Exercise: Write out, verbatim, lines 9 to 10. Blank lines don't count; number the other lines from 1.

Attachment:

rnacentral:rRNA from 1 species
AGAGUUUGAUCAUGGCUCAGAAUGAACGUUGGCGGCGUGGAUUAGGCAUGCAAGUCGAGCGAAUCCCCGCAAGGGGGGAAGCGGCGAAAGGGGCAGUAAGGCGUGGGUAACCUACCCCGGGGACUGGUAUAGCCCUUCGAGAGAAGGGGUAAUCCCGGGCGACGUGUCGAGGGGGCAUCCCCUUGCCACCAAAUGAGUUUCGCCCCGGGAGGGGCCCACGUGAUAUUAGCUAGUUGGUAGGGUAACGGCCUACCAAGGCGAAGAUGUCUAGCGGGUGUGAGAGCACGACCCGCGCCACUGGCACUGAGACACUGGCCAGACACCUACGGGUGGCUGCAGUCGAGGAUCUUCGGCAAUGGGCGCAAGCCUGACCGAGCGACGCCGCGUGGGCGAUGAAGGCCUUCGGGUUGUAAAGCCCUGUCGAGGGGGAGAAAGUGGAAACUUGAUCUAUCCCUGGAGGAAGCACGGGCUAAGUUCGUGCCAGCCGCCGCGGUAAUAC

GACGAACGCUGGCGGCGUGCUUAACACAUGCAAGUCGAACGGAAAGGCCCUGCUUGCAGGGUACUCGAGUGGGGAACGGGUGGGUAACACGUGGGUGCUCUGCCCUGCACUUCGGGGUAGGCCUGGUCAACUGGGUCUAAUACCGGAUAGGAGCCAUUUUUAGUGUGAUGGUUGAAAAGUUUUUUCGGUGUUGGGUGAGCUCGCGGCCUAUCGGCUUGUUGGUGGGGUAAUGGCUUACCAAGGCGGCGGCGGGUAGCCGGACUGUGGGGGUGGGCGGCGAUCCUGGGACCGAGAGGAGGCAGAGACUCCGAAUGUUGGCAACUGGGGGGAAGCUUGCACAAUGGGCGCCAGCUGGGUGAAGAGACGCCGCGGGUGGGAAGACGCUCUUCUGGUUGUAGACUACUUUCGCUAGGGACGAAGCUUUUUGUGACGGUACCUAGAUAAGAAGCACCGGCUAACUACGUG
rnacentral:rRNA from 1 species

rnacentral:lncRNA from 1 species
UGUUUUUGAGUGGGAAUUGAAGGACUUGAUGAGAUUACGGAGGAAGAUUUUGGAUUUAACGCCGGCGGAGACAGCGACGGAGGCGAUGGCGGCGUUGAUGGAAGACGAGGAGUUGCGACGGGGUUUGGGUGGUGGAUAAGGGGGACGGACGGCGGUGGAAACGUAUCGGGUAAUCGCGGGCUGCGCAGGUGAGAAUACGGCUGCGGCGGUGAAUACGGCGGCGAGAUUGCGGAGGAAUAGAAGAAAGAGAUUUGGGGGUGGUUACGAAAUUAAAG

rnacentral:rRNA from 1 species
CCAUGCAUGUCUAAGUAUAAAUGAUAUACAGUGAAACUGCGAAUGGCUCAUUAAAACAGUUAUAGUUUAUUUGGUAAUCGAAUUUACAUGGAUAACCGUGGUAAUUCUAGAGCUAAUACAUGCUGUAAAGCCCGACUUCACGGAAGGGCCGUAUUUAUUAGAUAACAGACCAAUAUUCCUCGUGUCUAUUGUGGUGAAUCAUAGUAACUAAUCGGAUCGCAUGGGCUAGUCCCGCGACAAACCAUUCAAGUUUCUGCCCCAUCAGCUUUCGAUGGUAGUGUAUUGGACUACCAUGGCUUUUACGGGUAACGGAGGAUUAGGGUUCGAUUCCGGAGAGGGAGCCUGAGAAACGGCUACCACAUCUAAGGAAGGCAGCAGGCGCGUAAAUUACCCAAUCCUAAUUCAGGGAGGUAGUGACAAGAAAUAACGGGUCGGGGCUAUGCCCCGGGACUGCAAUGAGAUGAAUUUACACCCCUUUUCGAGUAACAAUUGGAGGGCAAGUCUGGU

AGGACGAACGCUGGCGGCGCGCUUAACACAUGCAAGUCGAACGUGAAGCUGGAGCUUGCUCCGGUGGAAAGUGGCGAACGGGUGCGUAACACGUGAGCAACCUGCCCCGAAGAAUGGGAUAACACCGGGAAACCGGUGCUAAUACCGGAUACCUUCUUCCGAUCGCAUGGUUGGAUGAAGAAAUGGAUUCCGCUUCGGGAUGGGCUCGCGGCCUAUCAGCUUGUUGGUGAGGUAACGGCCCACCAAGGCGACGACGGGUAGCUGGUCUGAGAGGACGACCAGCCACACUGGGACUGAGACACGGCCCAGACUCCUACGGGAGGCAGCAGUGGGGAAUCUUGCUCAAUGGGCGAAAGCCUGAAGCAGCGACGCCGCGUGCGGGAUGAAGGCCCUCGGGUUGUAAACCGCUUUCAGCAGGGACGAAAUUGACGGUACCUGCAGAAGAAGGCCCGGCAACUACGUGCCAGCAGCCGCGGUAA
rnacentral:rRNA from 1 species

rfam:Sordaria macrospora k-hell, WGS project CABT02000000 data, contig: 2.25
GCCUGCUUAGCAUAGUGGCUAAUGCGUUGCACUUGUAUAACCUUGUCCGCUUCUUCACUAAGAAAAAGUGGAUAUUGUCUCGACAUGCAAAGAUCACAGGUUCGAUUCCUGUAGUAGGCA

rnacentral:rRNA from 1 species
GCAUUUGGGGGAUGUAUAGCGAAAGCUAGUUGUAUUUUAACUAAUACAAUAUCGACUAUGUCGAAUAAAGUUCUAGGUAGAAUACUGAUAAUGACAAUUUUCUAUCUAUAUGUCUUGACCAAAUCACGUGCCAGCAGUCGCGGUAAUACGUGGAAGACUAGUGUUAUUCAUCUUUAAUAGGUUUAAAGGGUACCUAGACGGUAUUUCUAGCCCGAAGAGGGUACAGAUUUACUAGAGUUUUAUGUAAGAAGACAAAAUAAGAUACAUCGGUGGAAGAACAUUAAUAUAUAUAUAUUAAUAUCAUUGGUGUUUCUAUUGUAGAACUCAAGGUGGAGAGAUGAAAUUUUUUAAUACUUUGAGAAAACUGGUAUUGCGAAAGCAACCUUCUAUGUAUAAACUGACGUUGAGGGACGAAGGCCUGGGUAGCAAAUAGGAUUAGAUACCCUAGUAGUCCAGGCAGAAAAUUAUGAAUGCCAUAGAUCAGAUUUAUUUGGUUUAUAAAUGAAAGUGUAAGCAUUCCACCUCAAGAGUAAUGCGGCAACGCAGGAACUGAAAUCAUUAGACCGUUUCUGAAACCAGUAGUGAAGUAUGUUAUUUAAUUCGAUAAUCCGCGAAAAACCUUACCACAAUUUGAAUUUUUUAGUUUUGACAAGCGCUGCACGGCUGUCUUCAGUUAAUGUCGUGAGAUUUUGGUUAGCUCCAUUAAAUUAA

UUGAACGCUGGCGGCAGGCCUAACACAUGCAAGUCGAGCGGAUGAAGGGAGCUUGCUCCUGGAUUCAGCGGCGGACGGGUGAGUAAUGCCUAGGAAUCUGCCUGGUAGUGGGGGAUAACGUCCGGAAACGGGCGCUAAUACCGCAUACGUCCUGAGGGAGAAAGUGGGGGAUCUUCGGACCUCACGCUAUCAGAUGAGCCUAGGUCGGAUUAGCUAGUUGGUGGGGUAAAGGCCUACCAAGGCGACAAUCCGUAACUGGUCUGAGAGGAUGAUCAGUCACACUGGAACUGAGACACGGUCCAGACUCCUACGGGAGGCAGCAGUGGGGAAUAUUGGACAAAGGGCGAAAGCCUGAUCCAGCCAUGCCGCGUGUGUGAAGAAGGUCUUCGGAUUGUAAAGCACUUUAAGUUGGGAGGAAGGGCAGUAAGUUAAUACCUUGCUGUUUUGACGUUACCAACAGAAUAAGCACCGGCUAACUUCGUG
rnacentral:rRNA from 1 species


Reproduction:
AGGACGAACGCUGGCGGCGCGCUUAACACAUGCAAGUCGAACGUGAAGCUGGAGCUUGCUCCGGUGGAAAGUGGCGAACGGGUGCGUAACACGUGAGCAACCUGCCCCGAAGAAUGGGAUAACACCGGGAAACCGGUGCUAAUACCGGAUACCUUCUUCCGAUCGCAUGGUUGGAUGAAGAAAUGGAUUCCGCUUCGGGAUGGGCUCGCGGCCUAUCAGCUUGUUGGUGAGGUAACGGCCCACCAAGGCGACGACGGGUAGCUGGUCUGAGAGGACGACCAGCCACACUGGGACUGAGACACGGCCCAGACUCCUACGGGAGGCAGCAGUGGGGAAUCUUGCUCAAUGGGCGAAAGCCUGAAGCAGCGACGCCGCGUGCGGGAUGAAGGCCCUCGGGUUGUAAACCGCUUUCAGCAGGGACGAAAUUGACGGUACCUGCAGAAGAAGGCCCGGCAACUACGUGCCAGCAGCCGCGGUAA
rnacentral:rRNA from 1 species